One of the arguments often cited to excuse the deaths in coal mining accidents is that the industry is “inherently dangerous”. This implies that it is futile to expect a fatality free safety record.
Extracting coal from a deposit thousands of feet underground from a matrix that outgases explosive methane as the coal is accessed is indeed dangerous. But why have many other industries that are also engaged in very dangerous manufacturing, such as chemicals, petroleum, nuclear, and space been able to bring their fatality record under much better control? They have all found the technology and operational expertise to mitigate the danger. Why is the underground coal industry unable to design and operate extraction systems that bring the accident fatalities very close to zero as these other industries have done?
This answer should come from the National Mining Association. Its web site proudly claims the following:
The National Mining Association (NMA) is the voice of the American mining industry in Washington, D.C. NMA is the only national trade organization that represents the interests of mining before Congress, the Administration, federal agencies, the judiciary and the media.In March of 2006 NMA established the independent Mine Safety and Training Commission to develop a status report on the industry safety practices and make recommendations for the future. In December of 2006 the following report of 193 pages was issued:
Improving Mine Safety Technology and Training: Establishing US Global Leadership
As it happens I have spent a large portion of my professional career as a chemical engineer in development, design, startups and operations in the petro-chemical industry. The chemical plants, along with the other dangerous industries previously mentioned, are engineered with a goal of zero accidents. Although fatalities do rarely occur, each one triggers immediate corrections to prevent a repeat occurrence.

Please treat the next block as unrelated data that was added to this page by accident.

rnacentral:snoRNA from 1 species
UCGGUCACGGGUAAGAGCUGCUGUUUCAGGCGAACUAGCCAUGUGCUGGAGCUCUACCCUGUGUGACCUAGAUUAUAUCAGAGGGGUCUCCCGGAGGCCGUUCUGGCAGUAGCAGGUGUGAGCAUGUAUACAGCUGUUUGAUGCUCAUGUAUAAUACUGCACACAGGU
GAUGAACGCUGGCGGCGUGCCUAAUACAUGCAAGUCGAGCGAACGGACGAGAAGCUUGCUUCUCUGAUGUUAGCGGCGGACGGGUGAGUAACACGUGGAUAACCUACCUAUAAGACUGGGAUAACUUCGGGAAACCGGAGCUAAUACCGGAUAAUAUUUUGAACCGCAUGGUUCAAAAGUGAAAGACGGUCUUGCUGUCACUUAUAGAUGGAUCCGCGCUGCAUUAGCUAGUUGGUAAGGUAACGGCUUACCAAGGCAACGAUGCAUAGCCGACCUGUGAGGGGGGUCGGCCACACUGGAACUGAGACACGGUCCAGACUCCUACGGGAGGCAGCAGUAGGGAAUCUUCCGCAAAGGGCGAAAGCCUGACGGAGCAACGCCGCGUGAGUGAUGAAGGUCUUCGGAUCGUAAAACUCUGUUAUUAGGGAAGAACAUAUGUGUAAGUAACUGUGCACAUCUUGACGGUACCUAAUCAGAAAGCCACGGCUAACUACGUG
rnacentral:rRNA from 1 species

With the recent Coal Mountain tragedy as motivation I reviewed the commission report. It is filled with industry safety practice information and recommendations that were valuable in comparing underground mining with my chemical industry experience. It answers my question by showing the differences in levels of prevention between the two industries.
The report is clearly written and is an apparently thorough report on the practices of the industry. It was contributed to and reviewed by academics and professionals with deep experience in mine safety operations. They obviously are sincerely concerned about the continued fatalities. (I recommend that you browse the report to gain some familiarity with the industry).
Strangely, however, the report specifically states that although these contributors agreed with the recommendations they were not asked for an endorsement of the report. (An obvious question is why this commission and assessment was not established until 2006 instead of 50-75 years earlier).
Five recommendations were listed in the commission transmittal letter to the NMA. .
1. Of primary importance is a call for a new paradigm for mine safety that focuses on systematic and comprehensive risk management for all life-safety issues.